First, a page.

You don't really follow your passions. Your passions follow you as you master a subject or a skill.
That counter-intuitive perspective comes from Cal Newport, author of So Good They Can't Ignore You: Why Skills Trump Passion in the Search for Work You Love and was explored in a recent blog post by Jeff Haden, an Inc. Magazine columnist.
"Passion is not something to follow," Newport says, "Passion is something that will follow you as you put in the hard work to become valuable in the world."
Newport's view is utilitarian. If your passion doesn't produce a paycheck, it's a hobby, not a career. Hobbies are fine, he says, but careers are built on sterner stuff — mastery of subject matter, development of expertise and honing of skills that people will pay money for.
"Producing something important, gaining respect for it, feeling a sense of control over your life, feeling a connection to other people — that's what gives people a real sense of passion," according to Newport.
The better at something you become, the more passion you will have for it.
The root of passion is not necessarily innate talents; it is hard work. Even if you have special gifts, it takes rigor and dedication to forge them into skills and passions.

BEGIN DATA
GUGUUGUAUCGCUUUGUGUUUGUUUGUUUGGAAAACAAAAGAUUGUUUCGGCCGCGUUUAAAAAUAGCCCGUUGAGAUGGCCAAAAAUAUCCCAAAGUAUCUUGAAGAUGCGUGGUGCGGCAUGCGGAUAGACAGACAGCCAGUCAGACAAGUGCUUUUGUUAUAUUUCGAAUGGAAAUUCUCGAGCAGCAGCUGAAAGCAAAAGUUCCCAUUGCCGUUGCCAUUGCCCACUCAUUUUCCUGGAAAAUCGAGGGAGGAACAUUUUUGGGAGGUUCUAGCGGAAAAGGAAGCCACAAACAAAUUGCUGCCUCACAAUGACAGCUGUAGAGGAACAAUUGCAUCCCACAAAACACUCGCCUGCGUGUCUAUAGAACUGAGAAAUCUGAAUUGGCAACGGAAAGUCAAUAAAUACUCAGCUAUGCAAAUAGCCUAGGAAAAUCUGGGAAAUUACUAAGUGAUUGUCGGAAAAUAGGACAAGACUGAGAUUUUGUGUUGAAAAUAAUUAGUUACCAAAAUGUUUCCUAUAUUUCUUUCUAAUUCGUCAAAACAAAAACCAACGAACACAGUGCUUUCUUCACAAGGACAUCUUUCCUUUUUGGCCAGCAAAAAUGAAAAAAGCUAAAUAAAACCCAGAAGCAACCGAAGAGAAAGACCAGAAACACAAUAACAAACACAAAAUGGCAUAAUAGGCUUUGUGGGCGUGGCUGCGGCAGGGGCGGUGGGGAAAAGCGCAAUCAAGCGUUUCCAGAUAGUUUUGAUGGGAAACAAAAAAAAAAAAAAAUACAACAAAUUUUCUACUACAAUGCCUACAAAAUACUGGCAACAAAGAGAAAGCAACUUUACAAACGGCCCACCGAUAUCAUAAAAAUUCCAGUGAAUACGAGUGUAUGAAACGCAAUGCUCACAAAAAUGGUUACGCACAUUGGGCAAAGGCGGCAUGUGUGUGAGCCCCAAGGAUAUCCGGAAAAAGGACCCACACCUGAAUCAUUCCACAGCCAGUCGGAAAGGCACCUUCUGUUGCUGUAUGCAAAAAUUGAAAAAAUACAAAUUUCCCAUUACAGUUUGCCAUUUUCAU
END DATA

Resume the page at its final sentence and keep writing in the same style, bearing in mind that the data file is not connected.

And the big difference-maker is cultivating a "relevant passion," a passion that pays.
"The satisfaction of improving is deeply satisfying, as eons of craftspeople will attest," Newport says. "The process of becoming really good at something valuable is a fulfilling and satisfying process in itself."
Newport's viewpoint on following your passion clashes with common thinking — and certainly with the advice dispensed to young people heading off to college. Newport seems to say we should encourage students to work hard so they find their passion.
As advice goes, working hard isn't as glamorous or sexy as follow your passion, but it may be sounder, life-bending counsel that people down the line appreciate.